NBA Basketball cards: How to inspect and prepare a card for PSA grading

Panini Contenders Draft Picks First off the Line (photo courtesy of
Panini Contenders Draft Picks First off the Line (photo courtesy of /

Here’s how to inspect and prepare your basketball cards for grading

If you’ve pulled a major hit or bought an awesome card raw, congratulations! Collecting NBA basketball cards is fun, and can be a really great way to enhance the fan experience of following the NBA.

If you have pulled a good card, you are probably considering sending it in to get it graded by somewhere like PSA or Beckett. Grading a card is a great way to preserve the quality of your card and potentially add more value to it. If you’re wondering if you should get your card graded, we have an article detailing the pros and cons here. Ultimately, though, everyone gets cards graded for different reasons. It’s up to you!

Whether you’re getting a card graded because it’s a personal favorite or because you think it will be a hot sell in the future, here’s most of what you’ll need to know regarding inspecting and preparing your card for shipping.

A lot of the info in this post I learned from George Wiley. Here’s a video of a pretty comprehensive video detailing his process for inspecting/prepping cards:

How to get a PSA 10: Inspect the card’s centering and foil/shine

This is one of the biggest factors in getting or not getting a 10. If your card isn’t centered, you can bet you won’t be getting a 10.

A card might be obviously un-centered, but even if it looks to be pretty well-centered you might want to take a closer look. Does any foil or shine look misplaced? Are should-be symmetrical aspects of the card asymmetrical? Be sure to look at the horizontal centering but also the vertical centering, too.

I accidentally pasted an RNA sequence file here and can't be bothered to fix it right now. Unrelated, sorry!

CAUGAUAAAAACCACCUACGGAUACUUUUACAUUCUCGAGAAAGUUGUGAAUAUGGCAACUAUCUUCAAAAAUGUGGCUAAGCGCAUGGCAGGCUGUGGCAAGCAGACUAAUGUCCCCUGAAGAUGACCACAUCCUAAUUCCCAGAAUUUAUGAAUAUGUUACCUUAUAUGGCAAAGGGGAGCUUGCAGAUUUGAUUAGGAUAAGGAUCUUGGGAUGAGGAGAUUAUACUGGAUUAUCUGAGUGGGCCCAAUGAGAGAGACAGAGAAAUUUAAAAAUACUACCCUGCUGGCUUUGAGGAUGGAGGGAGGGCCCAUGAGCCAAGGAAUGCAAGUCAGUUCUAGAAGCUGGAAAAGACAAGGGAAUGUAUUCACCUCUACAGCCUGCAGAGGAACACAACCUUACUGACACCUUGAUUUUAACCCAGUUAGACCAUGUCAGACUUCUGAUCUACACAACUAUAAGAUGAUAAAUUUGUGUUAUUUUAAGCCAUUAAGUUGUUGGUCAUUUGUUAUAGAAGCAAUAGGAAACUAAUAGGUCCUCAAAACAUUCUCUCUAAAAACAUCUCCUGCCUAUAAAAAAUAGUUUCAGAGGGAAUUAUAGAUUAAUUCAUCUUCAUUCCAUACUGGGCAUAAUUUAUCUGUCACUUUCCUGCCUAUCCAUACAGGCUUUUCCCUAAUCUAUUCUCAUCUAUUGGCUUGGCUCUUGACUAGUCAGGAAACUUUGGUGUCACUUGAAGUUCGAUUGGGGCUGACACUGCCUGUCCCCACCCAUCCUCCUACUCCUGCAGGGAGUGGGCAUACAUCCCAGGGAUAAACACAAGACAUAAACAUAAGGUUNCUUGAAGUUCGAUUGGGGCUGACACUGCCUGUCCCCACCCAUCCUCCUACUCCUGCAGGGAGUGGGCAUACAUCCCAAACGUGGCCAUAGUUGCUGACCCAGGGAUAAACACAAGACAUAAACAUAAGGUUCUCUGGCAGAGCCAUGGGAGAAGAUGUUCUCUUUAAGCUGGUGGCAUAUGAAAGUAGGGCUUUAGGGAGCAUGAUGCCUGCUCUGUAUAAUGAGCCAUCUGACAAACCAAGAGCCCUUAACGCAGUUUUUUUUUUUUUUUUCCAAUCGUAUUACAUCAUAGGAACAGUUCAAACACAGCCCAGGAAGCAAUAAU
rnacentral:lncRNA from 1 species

If there are any stamps (numbered cards), stickers, etc. on the card, are those centered as well? Wiley has a good example in his video of a stamp that isn’t centered. If you’re really serious you can pull out a ruler, but you’ll be dealing with millimeters here, and more contact with the card risks damaging it.

Try not to overthink this part. Most centering issues should be pretty clear with a close look from the naked eye.

How to get a PSA 10: Inspect the card’s edges and corners

Outside of centering, edges and corners are the next culprits for knocking cards out of perfection. Are your edges and corners sharp? Has there been any damage or minuscule tearing to the cardboard from putting the card in sleeves or top loaders?

This is something Wiley hits on in his video — Take a look at the card from both sides. If a corner looks a little suspicious from the front, check the same corner from the back. Does it look off from both sides? In this case, it’s probably not a 10.

How to get a PSA 10: Inspect the card’s surface

Finally, take a look at the surface. As Wiley notes in his video, sometimes this is hard. You might be looking through a sleeve and the sleeve itself could be scratched or cloudy, not the card. He has a good example of how to inspect the card outside of the sleeve, but I’m not sure I have the steady hands required for it. Try it at your own peril.

How to prepare a card for PSA grading

Wiley’s video above talks about packaging and prepping your card for shipment at the 8:40 mark. He recommends putting the card in a penny sleeve and then a card saver, putting the entire package in a graded card bag. You’ll want to ship in a padded envelope at the very least to protect the card on the way.

To submit cards for PSA Grading, you can visit PSA’s online submission center. You’ll need to set up an account and fill out the information on the cards you want to send.

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